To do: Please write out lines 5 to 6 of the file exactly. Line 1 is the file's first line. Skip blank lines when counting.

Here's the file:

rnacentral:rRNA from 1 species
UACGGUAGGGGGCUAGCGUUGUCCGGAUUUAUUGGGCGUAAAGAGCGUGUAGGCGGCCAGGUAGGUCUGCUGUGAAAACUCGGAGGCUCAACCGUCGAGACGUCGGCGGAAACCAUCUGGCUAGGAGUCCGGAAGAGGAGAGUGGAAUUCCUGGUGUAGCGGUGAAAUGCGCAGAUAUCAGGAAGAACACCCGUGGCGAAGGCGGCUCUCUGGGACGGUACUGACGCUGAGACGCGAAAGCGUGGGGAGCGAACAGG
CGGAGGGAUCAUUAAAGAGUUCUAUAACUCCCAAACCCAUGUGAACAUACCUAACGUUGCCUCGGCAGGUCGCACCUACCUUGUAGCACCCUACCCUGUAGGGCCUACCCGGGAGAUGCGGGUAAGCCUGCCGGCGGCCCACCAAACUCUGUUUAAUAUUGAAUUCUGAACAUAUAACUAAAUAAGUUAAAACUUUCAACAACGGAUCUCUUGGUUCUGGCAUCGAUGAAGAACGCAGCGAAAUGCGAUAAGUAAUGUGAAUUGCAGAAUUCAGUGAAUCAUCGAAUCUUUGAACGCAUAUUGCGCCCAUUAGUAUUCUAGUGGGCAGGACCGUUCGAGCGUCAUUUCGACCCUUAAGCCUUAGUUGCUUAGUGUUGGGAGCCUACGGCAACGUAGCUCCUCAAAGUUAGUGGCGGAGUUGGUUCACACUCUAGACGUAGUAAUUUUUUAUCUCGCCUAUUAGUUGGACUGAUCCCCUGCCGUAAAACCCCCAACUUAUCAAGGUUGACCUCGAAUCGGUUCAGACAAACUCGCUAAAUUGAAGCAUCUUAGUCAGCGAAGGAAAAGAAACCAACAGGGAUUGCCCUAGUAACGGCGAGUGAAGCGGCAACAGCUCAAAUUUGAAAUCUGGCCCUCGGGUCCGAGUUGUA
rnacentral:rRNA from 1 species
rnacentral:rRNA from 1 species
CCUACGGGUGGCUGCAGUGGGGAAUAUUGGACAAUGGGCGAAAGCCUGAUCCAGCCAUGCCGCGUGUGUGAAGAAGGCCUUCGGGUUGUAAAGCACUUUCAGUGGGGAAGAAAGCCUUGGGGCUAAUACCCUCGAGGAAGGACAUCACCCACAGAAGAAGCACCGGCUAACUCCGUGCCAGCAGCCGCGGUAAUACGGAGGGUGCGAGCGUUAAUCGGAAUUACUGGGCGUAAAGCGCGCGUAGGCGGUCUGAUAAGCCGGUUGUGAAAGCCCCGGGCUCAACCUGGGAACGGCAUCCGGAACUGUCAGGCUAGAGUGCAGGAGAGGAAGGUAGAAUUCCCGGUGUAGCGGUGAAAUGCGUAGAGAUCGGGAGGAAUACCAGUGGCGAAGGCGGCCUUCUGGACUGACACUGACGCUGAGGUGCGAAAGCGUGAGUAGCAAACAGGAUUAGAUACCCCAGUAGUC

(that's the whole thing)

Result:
rnacentral:rRNA from 1 species
CCUACGGGUGGCUGCAGUGGGGAAUAUUGGACAAUGGGCGAAAGCCUGAUCCAGCCAUGCCGCGUGUGUGAAGAAGGCCUUCGGGUUGUAAAGCACUUUCAGUGGGGAAGAAAGCCUUGGGGCUAAUACCCUCGAGGAAGGACAUCACCCACAGAAGAAGCACCGGCUAACUCCGUGCCAGCAGCCGCGGUAAUACGGAGGGUGCGAGCGUUAAUCGGAAUUACUGGGCGUAAAGCGCGCGUAGGCGGUCUGAUAAGCCGGUUGUGAAAGCCCCGGGCUCAACCUGGGAACGGCAUCCGGAACUGUCAGGCUAGAGUGCAGGAGAGGAAGGUAGAAUUCCCGGUGUAGCGGUGAAAUGCGUAGAGAUCGGGAGGAAUACCAGUGGCGAAGGCGGCCUUCUGGACUGACACUGACGCUGAGGUGCGAAAGCGUGAGUAGCAAACAGGAUUAGAUACCCCAGUAGUC